What’s so bad about EROTICA as a category? First of all, if your book is put into erotica by Amazon (rather than you choosing the category on your own – and yes, there are some books that do belong there!) you will never be able to change it again without their permission. If your book gets forced into erotica, your KDP dashboard will show the categories you initially chose. But the book page will show “erotica” – and ONLY erotica.
The other problem is, if a book is in erotica, it can’t be in any other secondary category outside of it. It can’t, for example, be in both “romance” and “erotica.” (Not to be confused with erotica>romance, which is still inside the erotica category). It can’t be in both “erotica” and “sci-fi,” for example. Erotica does finally have some sub-categories, but they are definitely located in a red-light district of Amazon’s store. They aren’t searchable from the main book page, until you drill all the way down (pun intended?) to the erotica category itself. So romance as a category has way more eyes on it – your book will be seen by far more readers in romance. And there is plenty of crossover between romance readers and “erotic romance” readers. I would venture to say, except for those who specifically seek out “sweet” (i.e. no-sex or fade-to-black sex) romances, most romance readers expect some sexual content in books in the romance category.
There’s also another problem with Amazon shoving books into erotica, aside from visibility. One of the biggest trends this year has been stepbrother romances. Amazon allowed the first one in romance, and erotica authors were shocked. Up until that moment, we’d been shown that using “familial” words (Daddy, Mom, Brother, Sister, Step-anything) was a blockable offense. Books would be blocked (even if step-father erotica was allowed – and it is) if authors used those words. So we came up with a whole lexicon of words, like “man of the house” for Daddy and “princess” or “brat” for daughter.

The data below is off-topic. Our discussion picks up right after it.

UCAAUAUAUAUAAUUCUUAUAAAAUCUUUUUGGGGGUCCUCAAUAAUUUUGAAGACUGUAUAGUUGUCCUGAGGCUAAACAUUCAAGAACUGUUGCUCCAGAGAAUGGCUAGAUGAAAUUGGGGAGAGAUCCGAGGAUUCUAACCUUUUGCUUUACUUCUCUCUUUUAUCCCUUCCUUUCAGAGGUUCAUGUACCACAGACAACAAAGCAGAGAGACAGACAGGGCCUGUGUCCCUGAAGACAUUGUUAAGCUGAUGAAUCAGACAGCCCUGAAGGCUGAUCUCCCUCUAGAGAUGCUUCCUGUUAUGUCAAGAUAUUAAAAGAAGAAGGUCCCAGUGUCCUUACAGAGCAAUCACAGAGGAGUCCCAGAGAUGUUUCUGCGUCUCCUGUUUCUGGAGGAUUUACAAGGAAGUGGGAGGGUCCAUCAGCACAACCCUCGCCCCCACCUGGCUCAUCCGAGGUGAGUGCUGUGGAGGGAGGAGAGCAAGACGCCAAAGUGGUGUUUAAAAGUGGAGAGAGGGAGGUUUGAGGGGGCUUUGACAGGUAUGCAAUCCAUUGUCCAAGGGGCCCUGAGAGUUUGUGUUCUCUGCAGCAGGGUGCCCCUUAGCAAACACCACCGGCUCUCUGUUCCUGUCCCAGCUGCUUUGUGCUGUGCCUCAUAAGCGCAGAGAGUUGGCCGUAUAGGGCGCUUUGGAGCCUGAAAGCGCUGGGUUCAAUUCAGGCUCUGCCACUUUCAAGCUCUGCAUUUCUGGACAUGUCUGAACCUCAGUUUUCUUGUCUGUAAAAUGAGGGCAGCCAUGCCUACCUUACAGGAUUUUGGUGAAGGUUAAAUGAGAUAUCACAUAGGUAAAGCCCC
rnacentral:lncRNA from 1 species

Once the stepbrother craze began, erotica authors began trying to put those words in titles again. Some stepbrother books were blocked in erotica – but they sailed through in romance just fine. Clearly the message was “familial” words are fine in romance, but not in erotica. (And I’m calling the “Daddy” craze coming in romance right now… here we go again…!) But check out the list of “bad words” on Amazon in erotica and see if you don’t see the issue here!
So I asked the customer service representative about these kinds of books. I told them that they’d just put books that would be considered blockable by their reviewers into erotica. What happened if I went to make changes on that book a couple weeks from now and new-reviewer Viper from India decided to block it based on the unwritten rules they refuse to tell us? Or if notoriously ham-fisted Carlos F happened to be reviewing and blocked it?
I was told they wouldn’t block books they’d placed in a category.
How would they know??
CS: Oh we keep records on changes to each book.
Me: Uh huh. But how do I know your reviewer is going to read and pay attention to them, given your incredible amount of employee turnover? I could be penalized for having that book in an erotica category when you’re the one who put it there!
CS: Oh that wouldn’t happen.
Me: Oh you mean like the last time I had to fight to get a book out of the erotica category, you told me personally none of our catalog would be forced there without notifying us as a publisher…?
CS: Oh. I didn’t… Did I? I don’t believe…
Me: Oh yes you did. So in other words “we wouldn’t do that” until you decide to do that anyway and to hell with whatever you said at the time because technically you don’t have any clear or consistent policies or guidelines, do you? So you can say whatever the hell you want. And you want me to believe you now?
I have been fighting with Amazon for the past week to get many of our books (which belong in romance) back into romance. For example, they put my top 50 bestseller with over 400 reviews, Step Beast, into erotica. Yes, it has sex in it. But it’s not erotica. It’s romance. It belongs (with all the rest of the stepbrother romance) back in the romance category.
They also put my gay romance, One Second Chance, into erotica. It’s most definitely a romance – with a plot. In fact, it was an Epic award winner.
And then this happened. As I was emailing ASINS (Amazon’s book identifiers) back and forth with them, they sent me a list of books that weren’t ours, saying they’d removed the “erotica” restrictions from them. This was their exact email (sic):